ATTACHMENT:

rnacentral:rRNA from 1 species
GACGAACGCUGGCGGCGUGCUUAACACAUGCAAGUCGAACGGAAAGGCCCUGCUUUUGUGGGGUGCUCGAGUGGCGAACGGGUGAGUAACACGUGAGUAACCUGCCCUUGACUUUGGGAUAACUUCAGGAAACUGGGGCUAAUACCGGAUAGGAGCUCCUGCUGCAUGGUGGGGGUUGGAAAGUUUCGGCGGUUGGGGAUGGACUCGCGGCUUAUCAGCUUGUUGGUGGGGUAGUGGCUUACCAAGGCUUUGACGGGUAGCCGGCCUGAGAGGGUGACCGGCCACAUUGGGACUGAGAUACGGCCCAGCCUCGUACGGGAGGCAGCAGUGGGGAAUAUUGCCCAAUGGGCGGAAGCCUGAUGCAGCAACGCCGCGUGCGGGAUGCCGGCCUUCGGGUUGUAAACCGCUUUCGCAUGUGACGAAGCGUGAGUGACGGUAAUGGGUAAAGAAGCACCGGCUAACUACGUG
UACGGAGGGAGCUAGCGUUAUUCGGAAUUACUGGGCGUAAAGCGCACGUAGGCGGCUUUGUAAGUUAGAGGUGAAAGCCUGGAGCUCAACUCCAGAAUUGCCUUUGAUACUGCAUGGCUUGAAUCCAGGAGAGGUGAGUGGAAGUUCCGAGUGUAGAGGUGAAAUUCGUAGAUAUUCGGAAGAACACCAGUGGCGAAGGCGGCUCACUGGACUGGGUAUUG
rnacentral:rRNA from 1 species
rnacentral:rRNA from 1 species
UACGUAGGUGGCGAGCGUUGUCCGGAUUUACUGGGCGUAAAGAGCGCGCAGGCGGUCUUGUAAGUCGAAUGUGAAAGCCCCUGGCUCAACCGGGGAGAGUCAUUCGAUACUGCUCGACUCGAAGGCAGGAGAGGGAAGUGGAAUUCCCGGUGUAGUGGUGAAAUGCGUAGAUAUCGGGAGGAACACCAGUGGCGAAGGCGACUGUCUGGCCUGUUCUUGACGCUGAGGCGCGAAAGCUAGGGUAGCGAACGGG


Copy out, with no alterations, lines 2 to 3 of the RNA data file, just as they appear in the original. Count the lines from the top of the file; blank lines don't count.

GACGAACGCUGGCGGCGUGCUUAACACAUGCAAGUCGAACGGAAAGGCCCUGCUUUUGUGGGGUGCUCGAGUGGCGAACGGGUGAGUAACACGUGAGUAACCUGCCCUUGACUUUGGGAUAACUUCAGGAAACUGGGGCUAAUACCGGAUAGGAGCUCCUGCUGCAUGGUGGGGGUUGGAAAGUUUCGGCGGUUGGGGAUGGACUCGCGGCUUAUCAGCUUGUUGGUGGGGUAGUGGCUUACCAAGGCUUUGACGGGUAGCCGGCCUGAGAGGGUGACCGGCCACAUUGGGACUGAGAUACGGCCCAGCCUCGUACGGGAGGCAGCAGUGGGGAAUAUUGCCCAAUGGGCGGAAGCCUGAUGCAGCAACGCCGCGUGCGGGAUGCCGGCCUUCGGGUUGUAAACCGCUUUCGCAUGUGACGAAGCGUGAGUGACGGUAAUGGGUAAAGAAGCACCGGCUAACUACGUG
UACGGAGGGAGCUAGCGUUAUUCGGAAUUACUGGGCGUAAAGCGCACGUAGGCGGCUUUGUAAGUUAGAGGUGAAAGCCUGGAGCUCAACUCCAGAAUUGCCUUUGAUACUGCAUGGCUUGAAUCCAGGAGAGGUGAGUGGAAGUUCCGAGUGUAGAGGUGAAAUUCGUAGAUAUUCGGAAGAACACCAGUGGCGAAGGCGGCUCACUGGACUGGGUAUUG